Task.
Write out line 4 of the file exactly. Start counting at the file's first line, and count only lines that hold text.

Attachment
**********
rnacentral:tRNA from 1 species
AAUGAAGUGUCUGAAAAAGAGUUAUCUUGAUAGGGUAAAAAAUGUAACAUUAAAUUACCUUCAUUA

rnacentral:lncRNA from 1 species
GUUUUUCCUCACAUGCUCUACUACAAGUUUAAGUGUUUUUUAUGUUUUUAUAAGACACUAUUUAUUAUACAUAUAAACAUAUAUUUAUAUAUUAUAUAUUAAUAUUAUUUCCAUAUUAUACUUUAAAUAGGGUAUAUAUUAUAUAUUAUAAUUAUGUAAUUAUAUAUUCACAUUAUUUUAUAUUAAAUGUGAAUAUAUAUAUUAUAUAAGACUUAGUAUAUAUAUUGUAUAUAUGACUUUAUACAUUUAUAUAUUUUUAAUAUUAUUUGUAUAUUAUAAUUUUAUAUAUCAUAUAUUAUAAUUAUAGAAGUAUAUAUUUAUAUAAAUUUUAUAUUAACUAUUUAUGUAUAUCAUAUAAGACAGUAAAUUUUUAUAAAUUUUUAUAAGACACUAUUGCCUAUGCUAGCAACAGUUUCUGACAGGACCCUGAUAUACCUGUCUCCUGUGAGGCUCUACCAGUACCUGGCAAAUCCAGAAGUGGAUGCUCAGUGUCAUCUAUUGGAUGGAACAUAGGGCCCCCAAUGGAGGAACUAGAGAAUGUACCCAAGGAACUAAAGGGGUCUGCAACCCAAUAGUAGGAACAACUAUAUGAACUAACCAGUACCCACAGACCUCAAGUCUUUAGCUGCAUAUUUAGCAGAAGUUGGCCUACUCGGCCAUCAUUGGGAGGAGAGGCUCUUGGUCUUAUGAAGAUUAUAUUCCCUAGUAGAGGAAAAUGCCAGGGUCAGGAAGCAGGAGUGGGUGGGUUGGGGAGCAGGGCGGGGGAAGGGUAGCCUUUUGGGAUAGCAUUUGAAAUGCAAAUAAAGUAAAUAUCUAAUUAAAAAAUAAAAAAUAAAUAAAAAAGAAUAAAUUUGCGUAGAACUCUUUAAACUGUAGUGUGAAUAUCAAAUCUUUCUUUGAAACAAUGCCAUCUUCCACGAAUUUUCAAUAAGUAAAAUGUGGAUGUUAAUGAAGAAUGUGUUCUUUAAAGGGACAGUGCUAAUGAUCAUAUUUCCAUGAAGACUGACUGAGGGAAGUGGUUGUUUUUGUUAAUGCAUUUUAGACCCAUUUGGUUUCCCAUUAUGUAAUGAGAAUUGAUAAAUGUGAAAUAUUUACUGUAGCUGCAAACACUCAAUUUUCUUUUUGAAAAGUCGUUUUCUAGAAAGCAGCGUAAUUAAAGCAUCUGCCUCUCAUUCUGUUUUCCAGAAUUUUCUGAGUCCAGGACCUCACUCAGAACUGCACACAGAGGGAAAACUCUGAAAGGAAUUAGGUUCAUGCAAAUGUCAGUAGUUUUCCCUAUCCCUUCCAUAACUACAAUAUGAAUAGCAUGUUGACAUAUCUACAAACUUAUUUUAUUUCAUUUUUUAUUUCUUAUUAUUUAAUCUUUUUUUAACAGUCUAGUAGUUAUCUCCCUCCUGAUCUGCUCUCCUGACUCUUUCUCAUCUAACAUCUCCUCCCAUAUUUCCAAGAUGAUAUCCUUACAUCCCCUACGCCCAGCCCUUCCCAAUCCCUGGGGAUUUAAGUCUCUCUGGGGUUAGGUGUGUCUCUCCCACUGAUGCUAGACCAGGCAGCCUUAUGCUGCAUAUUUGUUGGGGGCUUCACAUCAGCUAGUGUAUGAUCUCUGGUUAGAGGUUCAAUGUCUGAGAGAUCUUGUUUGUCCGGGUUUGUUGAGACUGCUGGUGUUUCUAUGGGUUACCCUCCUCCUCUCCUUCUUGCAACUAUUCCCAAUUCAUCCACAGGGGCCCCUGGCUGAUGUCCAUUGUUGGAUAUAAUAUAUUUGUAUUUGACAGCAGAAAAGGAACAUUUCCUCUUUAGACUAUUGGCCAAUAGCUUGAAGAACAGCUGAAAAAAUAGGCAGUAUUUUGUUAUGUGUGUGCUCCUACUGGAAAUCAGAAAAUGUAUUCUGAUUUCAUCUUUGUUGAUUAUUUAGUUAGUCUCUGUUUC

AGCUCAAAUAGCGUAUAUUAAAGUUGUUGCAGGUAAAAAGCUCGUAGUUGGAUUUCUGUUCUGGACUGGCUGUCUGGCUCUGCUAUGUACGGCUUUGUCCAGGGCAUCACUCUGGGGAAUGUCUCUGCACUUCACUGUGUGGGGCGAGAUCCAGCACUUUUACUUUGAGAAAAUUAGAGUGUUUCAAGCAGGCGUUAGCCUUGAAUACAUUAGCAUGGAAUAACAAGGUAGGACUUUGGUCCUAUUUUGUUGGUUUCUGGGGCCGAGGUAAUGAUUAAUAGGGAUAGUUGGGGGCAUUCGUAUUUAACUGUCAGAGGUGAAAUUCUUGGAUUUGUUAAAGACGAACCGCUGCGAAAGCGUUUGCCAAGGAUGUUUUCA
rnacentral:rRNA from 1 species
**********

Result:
GUUUUUCCUCACAUGCUCUACUACAAGUUUAAGUGUUUUUUAUGUUUUUAUAAGACACUAUUUAUUAUACAUAUAAACAUAUAUUUAUAUAUUAUAUAUUAAUAUUAUUUCCAUAUUAUACUUUAAAUAGGGUAUAUAUUAUAUAUUAUAAUUAUGUAAUUAUAUAUUCACAUUAUUUUAUAUUAAAUGUGAAUAUAUAUAUUAUAUAAGACUUAGUAUAUAUAUUGUAUAUAUGACUUUAUACAUUUAUAUAUUUUUAAUAUUAUUUGUAUAUUAUAAUUUUAUAUAUCAUAUAUUAUAAUUAUAGAAGUAUAUAUUUAUAUAAAUUUUAUAUUAACUAUUUAUGUAUAUCAUAUAAGACAGUAAAUUUUUAUAAAUUUUUAUAAGACACUAUUGCCUAUGCUAGCAACAGUUUCUGACAGGACCCUGAUAUACCUGUCUCCUGUGAGGCUCUACCAGUACCUGGCAAAUCCAGAAGUGGAUGCUCAGUGUCAUCUAUUGGAUGGAACAUAGGGCCCCCAAUGGAGGAACUAGAGAAUGUACCCAAGGAACUAAAGGGGUCUGCAACCCAAUAGUAGGAACAACUAUAUGAACUAACCAGUACCCACAGACCUCAAGUCUUUAGCUGCAUAUUUAGCAGAAGUUGGCCUACUCGGCCAUCAUUGGGAGGAGAGGCUCUUGGUCUUAUGAAGAUUAUAUUCCCUAGUAGAGGAAAAUGCCAGGGUCAGGAAGCAGGAGUGGGUGGGUUGGGGAGCAGGGCGGGGGAAGGGUAGCCUUUUGGGAUAGCAUUUGAAAUGCAAAUAAAGUAAAUAUCUAAUUAAAAAAUAAAAAAUAAAUAAAAAAGAAUAAAUUUGCGUAGAACUCUUUAAACUGUAGUGUGAAUAUCAAAUCUUUCUUUGAAACAAUGCCAUCUUCCACGAAUUUUCAAUAAGUAAAAUGUGGAUGUUAAUGAAGAAUGUGUUCUUUAAAGGGACAGUGCUAAUGAUCAUAUUUCCAUGAAGACUGACUGAGGGAAGUGGUUGUUUUUGUUAAUGCAUUUUAGACCCAUUUGGUUUCCCAUUAUGUAAUGAGAAUUGAUAAAUGUGAAAUAUUUACUGUAGCUGCAAACACUCAAUUUUCUUUUUGAAAAGUCGUUUUCUAGAAAGCAGCGUAAUUAAAGCAUCUGCCUCUCAUUCUGUUUUCCAGAAUUUUCUGAGUCCAGGACCUCACUCAGAACUGCACACAGAGGGAAAACUCUGAAAGGAAUUAGGUUCAUGCAAAUGUCAGUAGUUUUCCCUAUCCCUUCCAUAACUACAAUAUGAAUAGCAUGUUGACAUAUCUACAAACUUAUUUUAUUUCAUUUUUUAUUUCUUAUUAUUUAAUCUUUUUUUAACAGUCUAGUAGUUAUCUCCCUCCUGAUCUGCUCUCCUGACUCUUUCUCAUCUAACAUCUCCUCCCAUAUUUCCAAGAUGAUAUCCUUACAUCCCCUACGCCCAGCCCUUCCCAAUCCCUGGGGAUUUAAGUCUCUCUGGGGUUAGGUGUGUCUCUCCCACUGAUGCUAGACCAGGCAGCCUUAUGCUGCAUAUUUGUUGGGGGCUUCACAUCAGCUAGUGUAUGAUCUCUGGUUAGAGGUUCAAUGUCUGAGAGAUCUUGUUUGUCCGGGUUUGUUGAGACUGCUGGUGUUUCUAUGGGUUACCCUCCUCCUCUCCUUCUUGCAACUAUUCCCAAUUCAUCCACAGGGGCCCCUGGCUGAUGUCCAUUGUUGGAUAUAAUAUAUUUGUAUUUGACAGCAGAAAAGGAACAUUUCCUCUUUAGACUAUUGGCCAAUAGCUUGAAGAACAGCUGAAAAAAUAGGCAGUAUUUUGUUAUGUGUGUGCUCCUACUGGAAAUCAGAAAAUGUAUUCUGAUUUCAUCUUUGUUGAUUAUUUAGUUAGUCUCUGUUUC